It is an undeniable fact that the circumstances in which we live in the 21st century require us all to overcome more challenges than ever, thus posing the need for every individual to learn and develop constantly for sake of acting more efficiently in any field of life. One area that everybody should consider essential is the need to improve communication and develop transcultural awareness in an ever-changing world of international relations. It is certain that such abilities will help individuals become more culturally knowledgeable, and hence transmit their intended messages across cultures.
In the light of such requirements, it is not only important to know foreign languages and cultures from books; it is also important to learn how different forms of knowledge are communicated across cultures. That kind of knowledge is never easy to acquire; in fact, it is extremely demanding for those who endeavor to do that. It is not sufficient simply to learn this kind of knowledge through books, or through formal methods in a classroom. The only way to acquire it is through co-operation and mutual understanding of the parties involved.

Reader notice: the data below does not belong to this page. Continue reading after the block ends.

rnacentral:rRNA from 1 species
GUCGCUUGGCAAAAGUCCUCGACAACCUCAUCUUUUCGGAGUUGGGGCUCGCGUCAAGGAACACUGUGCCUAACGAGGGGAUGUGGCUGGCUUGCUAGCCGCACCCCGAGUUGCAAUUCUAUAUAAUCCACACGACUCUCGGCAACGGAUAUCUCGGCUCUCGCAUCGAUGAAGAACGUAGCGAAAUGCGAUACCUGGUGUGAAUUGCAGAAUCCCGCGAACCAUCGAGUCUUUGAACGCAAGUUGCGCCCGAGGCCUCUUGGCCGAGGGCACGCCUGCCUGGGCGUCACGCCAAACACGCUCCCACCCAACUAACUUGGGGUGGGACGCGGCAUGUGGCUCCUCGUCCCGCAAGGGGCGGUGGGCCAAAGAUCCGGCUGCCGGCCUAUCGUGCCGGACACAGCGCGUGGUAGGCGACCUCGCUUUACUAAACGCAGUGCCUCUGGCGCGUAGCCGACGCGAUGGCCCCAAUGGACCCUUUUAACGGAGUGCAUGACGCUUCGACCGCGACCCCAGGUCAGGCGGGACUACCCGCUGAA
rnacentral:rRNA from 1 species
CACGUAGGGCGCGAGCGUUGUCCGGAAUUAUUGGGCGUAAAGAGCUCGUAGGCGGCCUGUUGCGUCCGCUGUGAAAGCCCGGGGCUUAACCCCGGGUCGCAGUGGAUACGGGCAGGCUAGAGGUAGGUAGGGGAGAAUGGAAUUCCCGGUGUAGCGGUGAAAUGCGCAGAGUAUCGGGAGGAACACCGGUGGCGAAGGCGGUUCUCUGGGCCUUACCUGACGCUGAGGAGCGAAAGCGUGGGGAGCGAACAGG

As a teacher of English in Turkish institutions for a decade now, I believe that the key factor in the dissemination and sustenance of knowledge across cultures is co-operation – between learners and educators, as well as the source and target cultures they deal with. This can only be sustained by what I might call “The Teacher Effect”. The very reason for this claim is that educators should be the guides who should first lead learners up the path of learning about and discovering foreign languages and cultures, and allow them the opportunities to walk in the path by providing “Road Maps to Learning”. Unless the route is clear, no learner can be held responsible for losing their motivation.